Phoenix/ Crime & Emergencies
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Published on April 24, 2024
FBI Phoenix Issues Alert on 'Phantom Hacker' Scam Targeting Arizonans, Elderly at High RiskSource: Google Street View

Arizonans, especially the elderly, are falling prey to a new conniving scam, the FBI Phoenix has warned. Termed the "Phantom Hacker" scam, this sophisticated ruse tricks victims into believing their accounts have been hacked and convinces them to hand over their life savings to fraudsters posing as bank and technology officials, according to an article by 12News. The scam starts with a fake security alert on a victim's computer, urging them to call a number that connects them to the scammers, who direct the victim to drain their accounts into a supposed "safe wallet" – often a crypto ATM.

FBI Assistant Special Agent Daniel Mayo highlighted the human toll of these scams, "The problem is, they target the elderly," he said, acknowledging the sophistication of the tactics which involve multiple scammers mimicking various institutions. The criminals buy time, knowing that the longer a victim delays reporting the incident, the slimmer the chances of recuperation, as per a statement obtained by 12News.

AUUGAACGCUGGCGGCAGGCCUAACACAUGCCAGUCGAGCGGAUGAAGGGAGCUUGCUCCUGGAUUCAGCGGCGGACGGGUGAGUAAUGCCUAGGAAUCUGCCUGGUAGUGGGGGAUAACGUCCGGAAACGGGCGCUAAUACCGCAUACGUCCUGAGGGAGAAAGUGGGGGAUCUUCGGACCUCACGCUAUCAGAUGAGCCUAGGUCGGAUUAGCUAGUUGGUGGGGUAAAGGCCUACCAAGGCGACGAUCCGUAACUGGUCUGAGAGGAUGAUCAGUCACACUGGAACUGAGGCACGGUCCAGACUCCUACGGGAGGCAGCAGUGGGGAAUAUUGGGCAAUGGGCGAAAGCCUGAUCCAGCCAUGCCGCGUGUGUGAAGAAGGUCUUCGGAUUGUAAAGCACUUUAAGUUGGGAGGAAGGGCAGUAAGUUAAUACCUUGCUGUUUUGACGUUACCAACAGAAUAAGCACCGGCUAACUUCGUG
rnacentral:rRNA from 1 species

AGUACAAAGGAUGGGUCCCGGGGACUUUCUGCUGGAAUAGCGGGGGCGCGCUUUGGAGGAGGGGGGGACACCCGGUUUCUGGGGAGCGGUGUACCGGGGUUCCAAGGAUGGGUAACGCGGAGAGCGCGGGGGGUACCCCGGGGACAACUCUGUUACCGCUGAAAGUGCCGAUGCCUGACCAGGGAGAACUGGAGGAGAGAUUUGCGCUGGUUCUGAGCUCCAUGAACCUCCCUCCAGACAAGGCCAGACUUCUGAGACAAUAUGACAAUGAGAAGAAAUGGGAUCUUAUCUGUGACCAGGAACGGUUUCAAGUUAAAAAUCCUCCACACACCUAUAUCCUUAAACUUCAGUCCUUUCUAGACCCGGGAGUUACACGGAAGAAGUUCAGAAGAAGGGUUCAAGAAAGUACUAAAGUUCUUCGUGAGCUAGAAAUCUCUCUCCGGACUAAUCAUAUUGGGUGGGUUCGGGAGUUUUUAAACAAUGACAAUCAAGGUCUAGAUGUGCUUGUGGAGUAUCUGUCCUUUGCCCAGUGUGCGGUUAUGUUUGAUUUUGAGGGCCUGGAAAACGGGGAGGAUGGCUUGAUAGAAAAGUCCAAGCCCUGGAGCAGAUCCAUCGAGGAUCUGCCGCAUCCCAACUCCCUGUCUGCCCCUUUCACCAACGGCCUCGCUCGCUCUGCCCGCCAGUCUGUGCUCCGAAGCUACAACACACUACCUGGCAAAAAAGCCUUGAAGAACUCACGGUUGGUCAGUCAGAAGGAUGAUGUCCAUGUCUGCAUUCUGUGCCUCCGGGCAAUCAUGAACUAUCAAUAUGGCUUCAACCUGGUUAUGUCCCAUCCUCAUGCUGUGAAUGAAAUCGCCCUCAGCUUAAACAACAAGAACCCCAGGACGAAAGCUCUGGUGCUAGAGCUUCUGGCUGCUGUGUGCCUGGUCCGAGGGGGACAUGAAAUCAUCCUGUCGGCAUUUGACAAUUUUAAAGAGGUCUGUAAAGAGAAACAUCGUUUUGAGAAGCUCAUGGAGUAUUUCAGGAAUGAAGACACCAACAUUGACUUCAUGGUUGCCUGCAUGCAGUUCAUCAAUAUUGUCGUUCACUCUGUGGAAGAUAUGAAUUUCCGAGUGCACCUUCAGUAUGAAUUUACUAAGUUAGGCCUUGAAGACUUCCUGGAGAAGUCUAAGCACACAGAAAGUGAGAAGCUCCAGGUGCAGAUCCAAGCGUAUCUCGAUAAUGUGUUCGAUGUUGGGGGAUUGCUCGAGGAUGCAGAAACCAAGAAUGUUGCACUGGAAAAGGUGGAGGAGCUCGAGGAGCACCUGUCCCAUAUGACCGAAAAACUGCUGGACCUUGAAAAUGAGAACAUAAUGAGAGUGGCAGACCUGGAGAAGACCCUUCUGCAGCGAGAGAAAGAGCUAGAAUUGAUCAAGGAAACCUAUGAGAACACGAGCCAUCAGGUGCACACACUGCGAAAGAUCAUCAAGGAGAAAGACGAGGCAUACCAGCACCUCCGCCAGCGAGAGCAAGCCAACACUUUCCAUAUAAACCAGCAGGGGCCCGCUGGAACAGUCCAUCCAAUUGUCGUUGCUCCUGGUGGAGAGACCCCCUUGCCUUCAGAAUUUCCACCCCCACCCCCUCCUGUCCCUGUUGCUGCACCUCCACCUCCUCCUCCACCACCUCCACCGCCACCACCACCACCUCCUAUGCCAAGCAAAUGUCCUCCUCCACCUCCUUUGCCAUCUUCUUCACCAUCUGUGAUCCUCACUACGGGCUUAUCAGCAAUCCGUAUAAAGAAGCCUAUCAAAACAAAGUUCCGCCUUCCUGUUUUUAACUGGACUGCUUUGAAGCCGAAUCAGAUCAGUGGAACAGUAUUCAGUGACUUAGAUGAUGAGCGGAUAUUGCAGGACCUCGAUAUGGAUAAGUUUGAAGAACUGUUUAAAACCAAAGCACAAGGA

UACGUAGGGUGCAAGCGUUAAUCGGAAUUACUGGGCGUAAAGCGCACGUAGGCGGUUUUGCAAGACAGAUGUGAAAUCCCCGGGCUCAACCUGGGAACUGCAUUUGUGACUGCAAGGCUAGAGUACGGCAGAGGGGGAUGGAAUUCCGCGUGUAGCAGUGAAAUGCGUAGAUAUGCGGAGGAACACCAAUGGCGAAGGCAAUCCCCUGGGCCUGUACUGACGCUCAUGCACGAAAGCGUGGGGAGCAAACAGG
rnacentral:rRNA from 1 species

The fraudsters use a variety of methods to ensnare their victims, including calls, and compromised email addresses acquired through shady means, Mayo explained. Once victims grant access to their computers under the guise of resolving a security breach, the scammers gain actual sight of the victim's financial accounts. Following this, purported representatives from the victim's banking institution reach out, claiming an account compromise and directing the victim to transfer funds for safety, as detailed in an FBI Phoenix press release.

Mayo further noted that scammers operate from countries with antagonistic relations to the U.S., like Russia and the People's Republic of China, where they harbor a sense of impunity, according to a 12News interview. Victims reportedly can get their money back "three-quarters of the time," if they act swiftly, specifically within a couple days of the suspicious transaction. However, Mayo did not provide precise success rates.

To avoid falling victim, the FBI recommends caution against unsolicited pop-ups, emails, and calls from unknown numbers. They advise against providing strangers with remote access to computers or financial information, especially when prompted to transfer funds to unknown accounts. The importance of reporting any suspicious activity immediately to the FBI through was underscored, with Mayo emphasizing, "The quicker you report it, the more likely you are to get your money back." In addition, the need for younger individuals to look out for older relatives and make them aware of these scams has never been greater, as stated by Mayo in the 12News report.